U.S. Civil War Research Guide

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Year range
1860 - 1865

This page seeks to help family historians who are researching their ancestors' involvement in the U.S. Civil War (also known as the War of the Rebellion).

Map of the United States in 1864, showing the division during the Civil War.


Civil War-related Census Information

NY was one of only a handful of states that recorded Civil War information in their own census returns. NY had a census in between the federal census for a number of years, so 1865 is a perfect place to start your search for NY Civil War veterans. It's especially useful for putting veterans with their families, and for separating two men with the same name. It's also a great resource for tracking down naval service, which is usually more difficult to find. See Sections III & IV about every 4 pages throughout the returns. Detailed information often includes where and when someone was injured (shot in hip at Spotsylvania, for example).

Other states that asked about Civil War service in their non-federal census returns include: Georgia, Kansas, Michigan, Minnesota, New Mexico, New York, North Dakota, Oklahoma, Rhode Island, and Wisconsin. If you're searching for veterans who may have lived in one of those states, be sure to check the state census records.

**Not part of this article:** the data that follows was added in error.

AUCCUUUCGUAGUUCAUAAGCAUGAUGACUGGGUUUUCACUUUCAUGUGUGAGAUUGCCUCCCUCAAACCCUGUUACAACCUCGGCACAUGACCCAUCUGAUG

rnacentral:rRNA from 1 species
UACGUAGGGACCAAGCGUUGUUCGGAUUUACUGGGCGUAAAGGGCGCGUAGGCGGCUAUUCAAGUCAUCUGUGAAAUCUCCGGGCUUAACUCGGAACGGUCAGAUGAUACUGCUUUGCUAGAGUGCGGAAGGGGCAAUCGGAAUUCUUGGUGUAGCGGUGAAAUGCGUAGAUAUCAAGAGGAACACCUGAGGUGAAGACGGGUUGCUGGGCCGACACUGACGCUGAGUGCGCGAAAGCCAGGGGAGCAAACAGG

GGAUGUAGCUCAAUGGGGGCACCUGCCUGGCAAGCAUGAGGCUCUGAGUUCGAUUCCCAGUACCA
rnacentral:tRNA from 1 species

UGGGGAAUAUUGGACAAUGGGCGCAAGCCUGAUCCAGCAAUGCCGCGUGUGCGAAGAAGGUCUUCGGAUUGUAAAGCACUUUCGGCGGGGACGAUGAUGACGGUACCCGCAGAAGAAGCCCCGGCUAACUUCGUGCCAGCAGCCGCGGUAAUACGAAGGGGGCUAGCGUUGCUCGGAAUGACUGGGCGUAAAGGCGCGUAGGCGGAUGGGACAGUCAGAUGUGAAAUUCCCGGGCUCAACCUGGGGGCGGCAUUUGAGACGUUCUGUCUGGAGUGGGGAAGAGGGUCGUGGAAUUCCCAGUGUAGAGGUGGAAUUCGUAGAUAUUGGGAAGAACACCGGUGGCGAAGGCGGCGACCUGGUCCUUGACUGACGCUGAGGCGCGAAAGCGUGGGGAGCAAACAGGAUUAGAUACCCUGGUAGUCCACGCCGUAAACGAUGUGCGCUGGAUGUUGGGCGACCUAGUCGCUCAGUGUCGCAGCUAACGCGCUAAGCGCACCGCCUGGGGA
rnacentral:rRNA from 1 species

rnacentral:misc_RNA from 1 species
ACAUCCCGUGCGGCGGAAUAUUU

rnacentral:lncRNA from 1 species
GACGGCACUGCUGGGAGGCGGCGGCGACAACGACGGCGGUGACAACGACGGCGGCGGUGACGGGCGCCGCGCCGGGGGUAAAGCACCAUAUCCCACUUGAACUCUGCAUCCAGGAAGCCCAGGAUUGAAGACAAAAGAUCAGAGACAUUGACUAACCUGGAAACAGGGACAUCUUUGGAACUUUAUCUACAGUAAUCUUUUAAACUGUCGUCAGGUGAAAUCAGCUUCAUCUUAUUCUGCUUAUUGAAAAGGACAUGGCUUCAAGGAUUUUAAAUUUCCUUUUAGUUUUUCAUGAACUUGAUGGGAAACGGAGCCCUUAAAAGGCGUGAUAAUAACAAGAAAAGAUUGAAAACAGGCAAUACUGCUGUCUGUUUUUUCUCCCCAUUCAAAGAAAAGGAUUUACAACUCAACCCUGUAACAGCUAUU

The following American Civil War unit histories and research guides (listed by state) are linked below.










Pension Records

  • NARA publication T289, Organization Index to Pension Files of Veterans Who Served Between 1861 and 1900)
  • NARA publication A1158, Numerical Index to Pension Files

Prisons, Paroles & Prisoner Exchanges

  • War of the Rebellion, Making of America, Cornell University.
  • The Civil War Dictionary, by Mark M. Boatner III, Lieut. Col., US Army (David McKay Company, Inc., New York, 1959)
  • The Dix-Hill Cartel was an agreement concluded on July 22, 1862 between the Confederate and Union governments to handle the general exchange of prisoners of war.


  • The U.S. Library of Congress has an excellent compilation of Civil War Maps compiled from three premier collections: the Library of Congress Geography and Map Division, the Virginia Historical Society, and the Library of Virginia. Among the reconnaissance, sketch, and theater-of-war maps are the detailed battle maps made by Major Jedediah Hotchkiss for Generals Lee and Jackson, General Sherman’s Southern military campaigns, and maps taken from diaries, scrapbooks, and manuscripts—all available for the first time in one place. Most of the items presented here are documented in Civil War Maps: An Annotated List of Maps and Atlases in the Library of Congress, compiled by Richard W. Stephenson in 1989. New selections from 2,240 maps and 76 atlases held by the Library will be added monthly.